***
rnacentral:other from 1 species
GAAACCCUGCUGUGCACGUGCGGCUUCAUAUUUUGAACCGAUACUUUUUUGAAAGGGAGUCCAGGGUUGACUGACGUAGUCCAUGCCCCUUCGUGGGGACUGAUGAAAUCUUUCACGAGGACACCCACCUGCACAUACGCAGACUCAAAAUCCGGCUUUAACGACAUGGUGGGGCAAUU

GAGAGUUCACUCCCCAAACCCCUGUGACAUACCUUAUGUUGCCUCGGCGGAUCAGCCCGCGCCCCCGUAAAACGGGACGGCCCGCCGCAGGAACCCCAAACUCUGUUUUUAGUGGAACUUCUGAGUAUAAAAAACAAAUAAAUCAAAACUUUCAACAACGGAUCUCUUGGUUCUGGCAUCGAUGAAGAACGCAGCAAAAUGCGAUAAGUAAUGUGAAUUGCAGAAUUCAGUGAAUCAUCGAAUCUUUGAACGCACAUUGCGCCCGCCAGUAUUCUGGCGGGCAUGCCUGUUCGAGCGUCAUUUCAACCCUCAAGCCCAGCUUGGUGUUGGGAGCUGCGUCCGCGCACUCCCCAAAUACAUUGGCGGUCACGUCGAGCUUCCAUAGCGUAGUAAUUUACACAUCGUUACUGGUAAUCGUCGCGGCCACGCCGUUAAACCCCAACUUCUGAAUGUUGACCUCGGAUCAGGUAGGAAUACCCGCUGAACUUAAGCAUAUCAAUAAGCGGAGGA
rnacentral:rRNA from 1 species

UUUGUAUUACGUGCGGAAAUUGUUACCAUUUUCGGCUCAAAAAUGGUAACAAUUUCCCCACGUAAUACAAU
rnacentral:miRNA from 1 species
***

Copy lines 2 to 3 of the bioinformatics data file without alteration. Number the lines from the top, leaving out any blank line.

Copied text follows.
GAAACCCUGCUGUGCACGUGCGGCUUCAUAUUUUGAACCGAUACUUUUUUGAAAGGGAGUCCAGGGUUGACUGACGUAGUCCAUGCCCCUUCGUGGGGACUGAUGAAAUCUUUCACGAGGACACCCACCUGCACAUACGCAGACUCAAAAUCCGGCUUUAACGACAUGGUGGGGCAAUU

GAGAGUUCACUCCCCAAACCCCUGUGACAUACCUUAUGUUGCCUCGGCGGAUCAGCCCGCGCCCCCGUAAAACGGGACGGCCCGCCGCAGGAACCCCAAACUCUGUUUUUAGUGGAACUUCUGAGUAUAAAAAACAAAUAAAUCAAAACUUUCAACAACGGAUCUCUUGGUUCUGGCAUCGAUGAAGAACGCAGCAAAAUGCGAUAAGUAAUGUGAAUUGCAGAAUUCAGUGAAUCAUCGAAUCUUUGAACGCACAUUGCGCCCGCCAGUAUUCUGGCGGGCAUGCCUGUUCGAGCGUCAUUUCAACCCUCAAGCCCAGCUUGGUGUUGGGAGCUGCGUCCGCGCACUCCCCAAAUACAUUGGCGGUCACGUCGAGCUUCCAUAGCGUAGUAAUUUACACAUCGUUACUGGUAAUCGUCGCGGCCACGCCGUUAAACCCCAACUUCUGAAUGUUGACCUCGGAUCAGGUAGGAAUACCCGCUGAACUUAAGCAUAUCAAUAAGCGGAGGA